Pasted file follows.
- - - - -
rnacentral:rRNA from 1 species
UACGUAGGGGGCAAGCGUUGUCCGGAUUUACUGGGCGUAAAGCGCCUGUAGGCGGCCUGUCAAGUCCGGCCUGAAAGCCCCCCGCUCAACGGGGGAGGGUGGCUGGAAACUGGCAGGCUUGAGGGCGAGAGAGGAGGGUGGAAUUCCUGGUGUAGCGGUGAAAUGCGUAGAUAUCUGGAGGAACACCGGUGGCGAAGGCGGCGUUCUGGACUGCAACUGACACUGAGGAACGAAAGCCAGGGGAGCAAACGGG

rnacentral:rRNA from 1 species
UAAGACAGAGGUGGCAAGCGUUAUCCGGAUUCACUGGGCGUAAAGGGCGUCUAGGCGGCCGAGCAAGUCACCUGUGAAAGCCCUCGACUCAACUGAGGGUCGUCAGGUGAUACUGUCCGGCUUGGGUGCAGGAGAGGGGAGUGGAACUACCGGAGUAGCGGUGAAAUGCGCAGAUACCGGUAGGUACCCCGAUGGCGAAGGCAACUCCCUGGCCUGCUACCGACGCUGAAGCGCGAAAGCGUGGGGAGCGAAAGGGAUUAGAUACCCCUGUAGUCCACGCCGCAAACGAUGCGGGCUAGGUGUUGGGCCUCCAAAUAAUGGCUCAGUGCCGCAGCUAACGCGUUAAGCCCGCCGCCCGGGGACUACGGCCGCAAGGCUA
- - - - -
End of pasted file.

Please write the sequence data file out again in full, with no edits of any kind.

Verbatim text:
rnacentral:rRNA from 1 species
UACGUAGGGGGCAAGCGUUGUCCGGAUUUACUGGGCGUAAAGCGCCUGUAGGCGGCCUGUCAAGUCCGGCCUGAAAGCCCCCCGCUCAACGGGGGAGGGUGGCUGGAAACUGGCAGGCUUGAGGGCGAGAGAGGAGGGUGGAAUUCCUGGUGUAGCGGUGAAAUGCGUAGAUAUCUGGAGGAACACCGGUGGCGAAGGCGGCGUUCUGGACUGCAACUGACACUGAGGAACGAAAGCCAGGGGAGCAAACGGG

rnacentral:rRNA from 1 species
UAAGACAGAGGUGGCAAGCGUUAUCCGGAUUCACUGGGCGUAAAGGGCGUCUAGGCGGCCGAGCAAGUCACCUGUGAAAGCCCUCGACUCAACUGAGGGUCGUCAGGUGAUACUGUCCGGCUUGGGUGCAGGAGAGGGGAGUGGAACUACCGGAGUAGCGGUGAAAUGCGCAGAUACCGGUAGGUACCCCGAUGGCGAAGGCAACUCCCUGGCCUGCUACCGACGCUGAAGCGCGAAAGCGUGGGGAGCGAAAGGGAUUAGAUACCCCUGUAGUCCACGCCGCAAACGAUGCGGGCUAGGUGUUGGGCCUCCAAAUAAUGGCUCAGUGCCGCAGCUAACGCGUUAAGCCCGCCGCCCGGGGACUACGGCCGCAAGGCUA